Though it might be releasing a bit later (and differently) than expected, Wonder Woman 1984 makes for an incredible Christmas present that delivers hope and good feelings all around. Check out our full review of DC’s latest release!
It’s been a while since we’ve seen Diana Prince back in action (with 2017’s Justice League), but her follow-up solo adventure has been worth the wait. Despite a handful of delays, the superheroine is back for an all new adventure that manages to deliver big comic book action, while grounding it all with a lot of heart.
For the most part, like all my reviews, I’ll be veering away from spoilers. That said, there are a couple things not really shown in the trailers I have to discuss if only because there doesn’t seem to be any way around it! I’ll be keeping spoilers to the bare minimum, so I wouldn’t fret too much.
As the title implies, Wonder Woman 1984, picks up Diana’s story several decades from the previous film. Here, we’ve gone beyond the first World War and enter the bombastic 80s era. Diana is no longer the fish out of water, and seems wise in the ways of the “modern” world. While she still works hard to save the day as Wonder Woman, albeit with MUCH more anonymity and discretion, Diana has settled into the “world of man.” She works as an anthropologist at DC’s Smithsonian Museum, which allows her the chance to study ancient artifacts.
It’s here that she meets up with Barbara Minerva (Kristen Wiig), a shy/timid new hire who’s an expert in gemology. After a failed (thanks to Wonder Wonder) heist at the mall, the FBI has turned over some precious, and unknown, gemstones to the Smithsonian for research.
Together, the two work to figure out the origins of the various illegally acquired stones. They aren’t the only ones interested in them, however, as aspiring business mogul Maxwell Lord (Pedro Pascal) has been searching for one in particular…the Dreamstone. Legend has it the stone can grant wishes, which seems ridiculous until both Barbara and Diana find their lives inexplicably changed.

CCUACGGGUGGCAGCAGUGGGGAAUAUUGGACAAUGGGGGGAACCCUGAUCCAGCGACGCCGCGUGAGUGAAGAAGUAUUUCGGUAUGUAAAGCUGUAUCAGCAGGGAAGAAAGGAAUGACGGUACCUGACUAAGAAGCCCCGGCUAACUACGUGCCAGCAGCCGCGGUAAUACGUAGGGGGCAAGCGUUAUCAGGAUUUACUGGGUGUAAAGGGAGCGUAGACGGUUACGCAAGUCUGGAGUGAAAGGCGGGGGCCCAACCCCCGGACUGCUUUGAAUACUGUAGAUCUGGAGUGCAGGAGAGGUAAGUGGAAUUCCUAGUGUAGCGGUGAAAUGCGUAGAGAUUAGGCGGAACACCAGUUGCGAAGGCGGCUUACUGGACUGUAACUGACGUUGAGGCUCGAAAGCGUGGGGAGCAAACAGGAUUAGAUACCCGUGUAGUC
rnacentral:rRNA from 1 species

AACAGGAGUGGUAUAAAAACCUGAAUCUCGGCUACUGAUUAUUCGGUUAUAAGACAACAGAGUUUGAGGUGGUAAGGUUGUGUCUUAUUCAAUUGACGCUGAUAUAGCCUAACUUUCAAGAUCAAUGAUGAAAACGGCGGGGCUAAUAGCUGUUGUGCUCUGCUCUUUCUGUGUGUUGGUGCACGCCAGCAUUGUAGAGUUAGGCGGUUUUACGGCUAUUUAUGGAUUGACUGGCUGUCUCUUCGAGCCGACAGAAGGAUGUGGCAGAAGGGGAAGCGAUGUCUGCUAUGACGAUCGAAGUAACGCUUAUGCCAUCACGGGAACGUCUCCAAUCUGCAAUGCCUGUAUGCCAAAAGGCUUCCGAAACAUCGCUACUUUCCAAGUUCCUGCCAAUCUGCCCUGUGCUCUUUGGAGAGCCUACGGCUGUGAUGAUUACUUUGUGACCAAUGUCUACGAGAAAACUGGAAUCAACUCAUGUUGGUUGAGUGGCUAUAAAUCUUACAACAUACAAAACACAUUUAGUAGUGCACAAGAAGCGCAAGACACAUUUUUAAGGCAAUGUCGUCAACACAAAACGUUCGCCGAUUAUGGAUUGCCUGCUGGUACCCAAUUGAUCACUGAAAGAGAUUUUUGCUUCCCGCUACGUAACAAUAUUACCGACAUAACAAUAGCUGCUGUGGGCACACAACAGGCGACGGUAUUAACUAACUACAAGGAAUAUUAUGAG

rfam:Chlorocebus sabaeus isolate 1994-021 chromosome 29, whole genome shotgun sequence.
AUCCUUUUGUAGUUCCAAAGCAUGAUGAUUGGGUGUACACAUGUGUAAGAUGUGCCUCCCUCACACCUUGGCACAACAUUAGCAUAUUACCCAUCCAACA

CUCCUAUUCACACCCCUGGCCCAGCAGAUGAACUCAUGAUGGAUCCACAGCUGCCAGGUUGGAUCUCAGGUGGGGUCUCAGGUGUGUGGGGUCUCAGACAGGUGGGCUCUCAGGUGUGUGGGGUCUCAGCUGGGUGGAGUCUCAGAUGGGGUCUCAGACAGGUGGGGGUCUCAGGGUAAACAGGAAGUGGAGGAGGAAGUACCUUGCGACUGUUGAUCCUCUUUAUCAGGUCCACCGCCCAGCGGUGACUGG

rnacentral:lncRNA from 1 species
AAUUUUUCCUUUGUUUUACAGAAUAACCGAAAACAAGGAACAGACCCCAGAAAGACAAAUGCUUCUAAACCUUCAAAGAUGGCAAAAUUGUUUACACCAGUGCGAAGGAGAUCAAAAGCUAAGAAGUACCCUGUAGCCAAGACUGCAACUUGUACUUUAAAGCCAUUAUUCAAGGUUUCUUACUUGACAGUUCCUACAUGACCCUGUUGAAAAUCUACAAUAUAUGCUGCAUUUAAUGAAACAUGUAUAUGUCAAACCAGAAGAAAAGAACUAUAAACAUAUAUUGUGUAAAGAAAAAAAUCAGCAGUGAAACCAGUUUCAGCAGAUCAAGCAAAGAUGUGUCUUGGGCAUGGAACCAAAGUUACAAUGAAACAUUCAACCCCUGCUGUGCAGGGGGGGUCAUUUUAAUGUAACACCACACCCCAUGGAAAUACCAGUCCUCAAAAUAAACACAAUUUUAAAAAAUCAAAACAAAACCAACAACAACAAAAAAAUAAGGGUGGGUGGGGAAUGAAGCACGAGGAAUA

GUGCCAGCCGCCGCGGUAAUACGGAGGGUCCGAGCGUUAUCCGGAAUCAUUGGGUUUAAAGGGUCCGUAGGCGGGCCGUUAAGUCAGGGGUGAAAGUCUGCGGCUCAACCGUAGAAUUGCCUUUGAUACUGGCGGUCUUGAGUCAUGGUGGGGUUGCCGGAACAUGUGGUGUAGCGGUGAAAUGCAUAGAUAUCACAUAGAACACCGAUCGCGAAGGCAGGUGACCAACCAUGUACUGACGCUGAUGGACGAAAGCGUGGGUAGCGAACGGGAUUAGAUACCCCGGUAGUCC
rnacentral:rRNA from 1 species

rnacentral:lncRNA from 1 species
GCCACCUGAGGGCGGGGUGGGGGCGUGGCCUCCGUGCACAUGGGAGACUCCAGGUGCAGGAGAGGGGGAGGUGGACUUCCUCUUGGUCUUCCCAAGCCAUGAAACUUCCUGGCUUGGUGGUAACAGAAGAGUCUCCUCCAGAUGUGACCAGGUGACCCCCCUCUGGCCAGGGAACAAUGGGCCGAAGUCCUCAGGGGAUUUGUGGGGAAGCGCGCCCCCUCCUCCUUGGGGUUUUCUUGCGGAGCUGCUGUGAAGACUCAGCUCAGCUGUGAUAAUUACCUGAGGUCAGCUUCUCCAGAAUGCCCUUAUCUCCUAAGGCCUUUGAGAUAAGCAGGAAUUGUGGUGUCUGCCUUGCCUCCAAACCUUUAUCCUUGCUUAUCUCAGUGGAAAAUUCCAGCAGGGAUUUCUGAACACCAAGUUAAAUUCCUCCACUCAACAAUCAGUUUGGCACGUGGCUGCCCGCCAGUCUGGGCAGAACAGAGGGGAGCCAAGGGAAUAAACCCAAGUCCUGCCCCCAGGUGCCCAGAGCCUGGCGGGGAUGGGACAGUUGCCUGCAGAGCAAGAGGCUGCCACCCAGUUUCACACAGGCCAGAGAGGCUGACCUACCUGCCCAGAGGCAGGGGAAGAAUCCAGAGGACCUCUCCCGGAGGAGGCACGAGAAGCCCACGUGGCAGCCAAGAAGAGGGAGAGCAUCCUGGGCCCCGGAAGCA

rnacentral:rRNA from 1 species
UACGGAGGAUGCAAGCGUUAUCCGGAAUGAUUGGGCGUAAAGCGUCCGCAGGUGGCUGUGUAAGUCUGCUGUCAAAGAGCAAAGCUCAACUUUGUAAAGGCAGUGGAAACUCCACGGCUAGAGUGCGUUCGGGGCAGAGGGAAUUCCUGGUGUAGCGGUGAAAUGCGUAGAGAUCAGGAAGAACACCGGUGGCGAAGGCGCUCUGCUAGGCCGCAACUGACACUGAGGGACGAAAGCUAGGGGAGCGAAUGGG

Maxwell’s own plans for the stone draws the rest of the world into turmoil and Diana learns that the magical wishes being granted have a darker side which could destroy everything. In order to save the world, Diana will have to find a way to stop Maxwell but the cost might be more than she can bear…
Again, I’m trying to avoid spoilers so this is about as much story I’ll go into. I don’t want to delve into how Cheetah comes into the action, because it’s a big part of Minerva’s story, and the same goes for Steve Trevor’s (Chris Pine) unlikely return. I was really impressed with how the story handled their characters and made their appearances work logically while forming a deeper emotional connection.
I loved it. While the story itself might feel fairly cut and dry on paper, the steps it takes to get there, combined with the character interactions, make it shine in spectacular fashion. Without hesitation, I’m happy to say I enjoyed this film quite a bit more than the original Wonder Woman film.
Don’t get me wrong, I definitely enjoyed the previous solo outing, and it featured some iconic moments. There’s no denying, however, that it’s still a straightforward origin story. Personally, I’ve never been big on origin story films, even ones that are well crafted. Not to mention it’s obvious connections to link between both Batman v. Superman and Justice League felt overpowering.
Wonder Woman 1984, however, is a story about a hero who has settled into their powers/life, not merely trying to find her place in the world. That shift in perspective makes the stakes feel even higher and adds a deeper personal level to everything that takes place. Because of this, it resonated with me on a deeper level than the first film, going beyond a “traditional” comic book flick.
Breaking the Norms with Vibrant Character Work